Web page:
When Domenico Accili, MD, presents the 46th Claude Bernard Lecture in Vienna, Austria, next month, he will review key advances in understanding the causes of diabetes, including the contributions from his laboratory, starting in the 1980s, to knowledge of how insulin works. His lecture will take place on Sept. 16 during the 50th annual meeting of the European Association for the Study of Diabetes.
“The basic pathway of insulin action is now well understood, but the field suffers from a limited ability to translate those discoveries into new treatments,” says Dr. Accili, the Russell Berrie Foundation Professor of Diabetes and director of the Columbia University Diabetes Research Center. He recommends that more efforts be directed toward developing technologies to produce drugs that regulate unconventional targets.
“Until the 1980s, research focused on unraveling the way in which insulin promotes the utilization of sugar in the body, especially in muscle,” says Dr. Accili. “A seamless revolution in research was made possible by the application of molecular genetic techniques, first as a diagnostic test in humans, then as a tool to probe the function of cells and proteins in the test tube, and more recently to interrogate complex metabolic pathways in living experimental organisms or through human stem and stem-like cells.”
In his lecture, Dr. Accili will describe recent discoveries indicating that insulin-producing beta cells, long thought to be lost to cell death during diabetes progression, actually lie dormant in the pancreas. There they regress toward an uncommitted cellular state, from which they could potentially be rescued to again become functional insulin-secreting cells. “This research also led to the serendipitous discovery of a mechanism by which certain endocrine cells in the gastrointestinal tract can be converted into functional insulin-producing cells, an approach that offers significant promise toward a cure for type 1 diabetes, as well as an adjuvant treatment for type 2 diabetes.”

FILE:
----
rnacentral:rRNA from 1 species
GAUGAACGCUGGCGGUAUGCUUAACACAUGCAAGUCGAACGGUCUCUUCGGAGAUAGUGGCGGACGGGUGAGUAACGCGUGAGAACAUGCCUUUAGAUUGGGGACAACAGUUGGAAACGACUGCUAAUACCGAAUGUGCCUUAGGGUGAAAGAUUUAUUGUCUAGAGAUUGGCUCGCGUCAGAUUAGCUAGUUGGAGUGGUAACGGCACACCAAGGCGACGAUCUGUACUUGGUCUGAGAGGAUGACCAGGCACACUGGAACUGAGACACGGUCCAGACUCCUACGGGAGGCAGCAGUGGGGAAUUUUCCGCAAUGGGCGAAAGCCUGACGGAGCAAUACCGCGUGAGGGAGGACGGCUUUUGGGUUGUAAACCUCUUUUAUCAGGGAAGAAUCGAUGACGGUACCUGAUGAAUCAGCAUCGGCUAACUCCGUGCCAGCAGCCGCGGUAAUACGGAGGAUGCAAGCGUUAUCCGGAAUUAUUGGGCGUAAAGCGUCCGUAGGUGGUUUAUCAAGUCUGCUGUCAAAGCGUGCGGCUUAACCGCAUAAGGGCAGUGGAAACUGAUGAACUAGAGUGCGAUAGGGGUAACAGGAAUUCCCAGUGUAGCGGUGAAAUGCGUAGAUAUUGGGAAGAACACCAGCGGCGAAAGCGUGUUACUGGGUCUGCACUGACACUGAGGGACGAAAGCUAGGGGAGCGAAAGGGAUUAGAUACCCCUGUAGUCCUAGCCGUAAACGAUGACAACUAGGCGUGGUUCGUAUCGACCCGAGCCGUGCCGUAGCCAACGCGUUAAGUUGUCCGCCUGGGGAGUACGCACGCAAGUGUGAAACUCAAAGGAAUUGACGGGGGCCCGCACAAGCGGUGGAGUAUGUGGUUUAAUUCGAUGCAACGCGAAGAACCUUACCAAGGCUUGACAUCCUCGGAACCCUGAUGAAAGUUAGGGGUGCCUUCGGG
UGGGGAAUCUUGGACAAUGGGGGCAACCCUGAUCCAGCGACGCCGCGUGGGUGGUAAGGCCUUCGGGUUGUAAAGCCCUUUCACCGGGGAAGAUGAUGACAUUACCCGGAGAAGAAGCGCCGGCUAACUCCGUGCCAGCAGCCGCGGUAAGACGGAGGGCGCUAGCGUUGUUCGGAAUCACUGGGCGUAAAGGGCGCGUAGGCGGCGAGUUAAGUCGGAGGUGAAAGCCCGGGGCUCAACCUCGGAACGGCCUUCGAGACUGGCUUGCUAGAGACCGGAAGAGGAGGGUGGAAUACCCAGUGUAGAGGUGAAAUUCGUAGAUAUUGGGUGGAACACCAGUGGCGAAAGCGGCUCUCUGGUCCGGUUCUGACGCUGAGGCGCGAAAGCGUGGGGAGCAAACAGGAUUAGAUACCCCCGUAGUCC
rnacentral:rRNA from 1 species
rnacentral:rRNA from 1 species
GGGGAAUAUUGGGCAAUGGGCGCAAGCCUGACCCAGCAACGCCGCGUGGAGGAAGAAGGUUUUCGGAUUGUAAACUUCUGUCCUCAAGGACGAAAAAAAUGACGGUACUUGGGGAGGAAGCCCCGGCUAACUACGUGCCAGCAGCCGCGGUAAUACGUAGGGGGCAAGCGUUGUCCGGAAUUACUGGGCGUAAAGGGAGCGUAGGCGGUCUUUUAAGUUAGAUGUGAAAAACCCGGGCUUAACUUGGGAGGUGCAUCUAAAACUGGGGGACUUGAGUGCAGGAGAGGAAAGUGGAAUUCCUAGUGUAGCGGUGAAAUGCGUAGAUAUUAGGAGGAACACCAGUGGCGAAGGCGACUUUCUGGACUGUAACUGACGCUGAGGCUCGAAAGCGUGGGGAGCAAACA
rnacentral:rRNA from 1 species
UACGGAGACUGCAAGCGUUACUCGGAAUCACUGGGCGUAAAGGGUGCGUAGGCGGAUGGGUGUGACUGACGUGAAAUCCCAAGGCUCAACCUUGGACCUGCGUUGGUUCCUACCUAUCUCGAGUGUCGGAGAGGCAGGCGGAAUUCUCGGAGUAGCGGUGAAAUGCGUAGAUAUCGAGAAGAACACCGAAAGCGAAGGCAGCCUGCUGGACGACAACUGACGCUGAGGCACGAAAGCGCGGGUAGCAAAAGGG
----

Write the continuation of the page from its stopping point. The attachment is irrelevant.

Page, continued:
After Dr. Accili’s lecture, the president of the association will present him with the Claude Bernard Award. The award, one of the top international awards in diabetes, recognizes contributions to the advancement of knowledge in the field of diabetes and related metabolic diseases.
Dr. Accili joined the Columbia faculty in 1999. His research focuses on the pathogenesis of diabetes, the integrated physiology of insulin action, and mechanisms of pancreatic beta cell dysfunction.
The Claude Bernard Award is the latest of many awards Dr. Accili has received, including the 2003 Lilly Award for Outstanding Scientific Achievement from the American Diabetes Association. He is an elected member of the Association of American Physicians and of the American Society for Clinical Investigation.